Side A - 'Tie Me Up With Jackets' (2:36)
(Go here for the high-definition version)
Side B [fixed] - 'Telephone the Real Ham Jackson' (6:10)
previous post - 'Jake Summers' and 'Lend Me Your Face' 7"s
'Tie Me Up With Jackets' is the first fresh song from Fight Like Apes and the Mystery of the Golden Medallion to be released as a single, excepting 'Something Global' which was released as an EP before the album... to show people what they sounded like with producer John Goodmanson. While I still don't think any of the songs quite surpass those of the original EPs, 'Tie Me Up With Jackets' was a definite grower from the full-length. I like the sweet guitar (bass) intro, with its carefully placed synthy squawks, and the agreeably daft/weird/poignant(/scary) lyrics -
"Same goes for you, I like my meatballs in a dish
and I like other people too
as the saying goes, I'm pretty nift
but I'd love to see you in the nude with overcoats tied around your head
and Japanese children in your bed"
From its quiet, low twee-dark beginnings, the song shifts several gears into the "lovely noise" chorus, which was what grabbed my attention listening to the album at first. And the "cha cha cha" part is crucial in a live setting too.
The video outdoes the song, really, however, with its arty conception of Fight Like Apes, the cartoon pop band, and the band of technicolour sonic experimentation. Combining synched-up ink blots with rotoscope-like overpainting of film footage (a brief flash of the underlying image at about 0:25) along with the gratuitous, clichéd shots of an Irish-band-on-a-windswept-beach (North Strand/Dollymount?) it's an impressive work for the Irish scene. Just like Fight Like Apes themselves, then.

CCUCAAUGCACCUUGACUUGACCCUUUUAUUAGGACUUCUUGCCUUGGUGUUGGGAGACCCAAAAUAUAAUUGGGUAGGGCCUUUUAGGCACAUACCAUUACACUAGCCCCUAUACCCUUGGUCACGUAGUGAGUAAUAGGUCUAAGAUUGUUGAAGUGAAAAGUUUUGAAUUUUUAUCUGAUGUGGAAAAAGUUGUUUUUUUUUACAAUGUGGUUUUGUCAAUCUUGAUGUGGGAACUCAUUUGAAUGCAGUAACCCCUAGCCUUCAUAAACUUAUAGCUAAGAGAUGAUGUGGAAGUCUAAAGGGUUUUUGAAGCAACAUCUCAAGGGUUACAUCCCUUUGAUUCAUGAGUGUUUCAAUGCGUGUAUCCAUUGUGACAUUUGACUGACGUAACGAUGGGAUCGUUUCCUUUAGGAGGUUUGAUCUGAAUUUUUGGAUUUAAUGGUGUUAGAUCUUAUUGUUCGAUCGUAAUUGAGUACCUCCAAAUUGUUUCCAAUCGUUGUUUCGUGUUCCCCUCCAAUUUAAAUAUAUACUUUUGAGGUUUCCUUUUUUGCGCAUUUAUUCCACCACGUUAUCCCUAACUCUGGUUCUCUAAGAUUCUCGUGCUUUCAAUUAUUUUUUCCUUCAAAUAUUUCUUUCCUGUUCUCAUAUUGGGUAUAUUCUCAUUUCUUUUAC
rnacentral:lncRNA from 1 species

The b-side, 'Telephone the Real Ham Jackson' - possibly their most inpenetrably bizarre title yet - is at once a bit of an oddity and a natural progression from the style of the a-side. Starting off again with some great bass, it then develops into a weird, chanting Indian-like melody and briefly a Suicide lo-fi moment, before kicking back in with the stomping, poppy bass rhythm and ultimately tailing off into shoegazey-electronic noise.
Today I listened to this and the leak of Bromst for the first time, and the two - b-side and sophomore album - seem to go well together. At just over six minutes it's unusual for a Fight Like Apes song, and probably too much of a digression to get much play live, but it's in a similar vein to 'Lumpy Dough' which I found similarly engrossing on hearing it first. Maybe not as immediate or as catchy as the rest of their work, but certainly an interesting direction for them to go in as a powerful - more in artistic than commercial terms yet - pop band.
(if anyone wants a mediafire file of these rips, just ask I guess)